4 Reasons to boycott Black Friday

UK shoppers reportedly spent £2.9bn last year on single sales. Sustainable? No...Ethical? HELL NO Shoppers will flock to the streets this weekend and hit their computers to snap up the latest bargains on stuff they don't need that will inevitably end up in landfill.


Recent research has found that 60% of Brits suffer from Buyer's Remorse over sale purchases, with almost half admitting they have bought something simply because it was reduced in price.


Mass consumption is affecting our planet and the people that produce these items. Enormous stock demands mean factory workers in developing countries are often working even longer hours in already unsafe conditions for very little wages. Black Friday through to Cyber Monday is the epitome of mass consumption.


Electrical goods and clothing are two of the most purchased things on Black Friday, yet @defrauk have reported 350,000 tonnes of clothing go to landfill each year while electrical items contribute to the fastest growing waste stream in the UK.


Black Friday undercuts Small Businesses

Black Friday has never been about shopping small. Retail giants can afford to pump billions of ££s into advertising and slash their prices to entice shoppers.

Small, local businesses won't be able to compete and are unable to take the financial hit


Black Friday creates A Ton Of Waste

The promise to deliver items in just a couple of days (we’re looking at you, Amazon Prime) requires putting thousands more trucks and ships in service, increasing pollution


There’s also the ridiculous amount of packaging involved, flooding recycling centres or ending up in landfill


Not to mention people buying things they don't even need which, only a short while later, ends up being binned


You’re probably not even saving money

For those on a budget, it may seem like a risk worth taking; the only chance to buy gifts at an affordable price. But a recent investigation by Which? found that 95% of products discounted as Black Friday deals weren’t listed at their cheapest-ever price.


So before you risk your health and budget in order to make the richest people in the world even richer, stop and consider why you feel pressured to do so.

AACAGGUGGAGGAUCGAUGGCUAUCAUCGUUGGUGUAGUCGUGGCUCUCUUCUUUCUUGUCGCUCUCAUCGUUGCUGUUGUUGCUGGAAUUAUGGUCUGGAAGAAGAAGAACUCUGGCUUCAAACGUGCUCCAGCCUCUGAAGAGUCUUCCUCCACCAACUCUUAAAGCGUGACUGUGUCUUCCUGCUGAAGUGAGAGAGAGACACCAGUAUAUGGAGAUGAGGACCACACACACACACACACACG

Opportunity for Greenwashing to prevail

In 2018, Burberry burned unsold items worth £28.6m in a bid to protect its brand and yet they describe themselves as"A purposeful, values-driven brand, we are committed to being a force for good in the world."


Sustainability, eco and up-cycling have an ethical ring to them, and big brands are really starting to get it. In fact, they are getting it a little too well, with the use of buzzwords and natural imagery, now key to marketing themselves as "Green"


Watch out for companies re-branding the day as "Green Friday" in efforts to convince consumers that they present a "better" choice

When it comes to Greenwashing, it's always best to view a businesses actions, practices and product offering, as a whole.


It's not all bad...

If you've been saving up for that new Fridge Freezer and it'll save you £££'s, GO FOR IT! A lot of people have fallen on difficult times, particularly in the last year, so this weekend might be a great time to snap up some deals on things you've been saving up for.


It's also been a tough year for our small business community and we aren't here to judge those choosing to take part in the sales. Sadly many small businesses feel pressured to compete.


All we ask, is that you try to only buy what you need 🛒Buy Less 💭Choose Well ♻️Make it last

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